As consumer demand and buying patterns rapidly undergo changes in a digital economy, the supply chain that supports these emerging needs has to be both responsive and lean — and that’s a difficult balance to achieve.
The recent disruptions and demand-supply imbalances in healthcare due to the COVID-19 pandemic have further reinforced the need for a solution that allows all parties to be on the same page. The pandemic demonstrated that this need isn’t limited to retail alone, but is relevant to healthcare supply chains as well.
So where’s the most demand, what’s causing it, how can it be anticipated, and how can supplies be routed correctly?
The need for low-latency processes and information exchange is painfully apparent. Now throw in digital channel proliferation, with expectations of information and inventory being available on demand, and this quickly converts from a demand-supply problem to a real-time supply-chain visibility problem. The more we know, the more we want to know.
Emerging innovations in demand-sensing tools and frequent data sharing from retailers to suppliers and manufacturers have offered up new ways to meet these emerging demands. Now we need solutions that can bridge data islands across all sectors, to improve responsiveness while keeping costs of inventory down.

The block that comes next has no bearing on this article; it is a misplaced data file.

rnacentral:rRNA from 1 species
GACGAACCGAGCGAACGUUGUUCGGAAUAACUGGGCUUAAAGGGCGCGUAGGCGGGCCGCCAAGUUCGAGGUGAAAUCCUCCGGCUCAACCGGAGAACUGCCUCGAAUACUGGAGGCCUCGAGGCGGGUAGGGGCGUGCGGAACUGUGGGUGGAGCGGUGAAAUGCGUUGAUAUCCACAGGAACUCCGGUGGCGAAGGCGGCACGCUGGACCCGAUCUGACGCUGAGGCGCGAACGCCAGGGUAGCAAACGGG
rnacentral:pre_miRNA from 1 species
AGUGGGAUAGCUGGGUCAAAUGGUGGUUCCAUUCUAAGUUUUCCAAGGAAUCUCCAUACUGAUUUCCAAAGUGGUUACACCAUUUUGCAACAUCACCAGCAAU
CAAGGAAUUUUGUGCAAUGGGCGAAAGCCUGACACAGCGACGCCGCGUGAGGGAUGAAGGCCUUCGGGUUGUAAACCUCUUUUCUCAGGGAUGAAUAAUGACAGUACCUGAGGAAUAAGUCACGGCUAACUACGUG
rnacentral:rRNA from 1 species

Can Smart Contracts and Blockchain Help?
Recently a new collaborative area of focus that emerged in the area of supply-chain provenance has promised the ability to track an item all the way from shelf to origin. A blockchain (a generic term we’ll use for distributed-ledger technology) based approach to provenance brings visibility to the end-to-end path that goods take. This capability was exactly what was needed during disasters such as the E-Coli outbreak in spinach, where the entire distribution was disrupted as the source of the problem was investigated.
Let’s examine the application of smart contracts to the broader demand-supply matching opportunity that the industry has been trying to address. To put this need in context, consider the case of routing healthcare and consumer supplies where there’s the greatest need as patterns change rapidly. Such enhanced responsiveness will also alleviate the need to maintain high counter-balancing inventory in the supply chain. In turn, that will allow enterprises to optimize investments toward business innovation and true contingency management.
Breaking Down Data Islands
The supply side responds to demand through a variety of forecasting methods that operate on the signals that are available.
On the one hand, to improve the flow of information, data sharing with suppliers continues to rise. Manufacturers are also investing in various demand-sensing and transportation optimizations.
On the other hand, signals on how the supply is shaping up and where it is can be used on the demand side to meet digital customer patterns across store or warehouse networks — for example, routing of inventory to the right locations, channel suggestions, and satisfying store network availability queries.
Problems being faced today due to information latency cascade along the supply chain and back: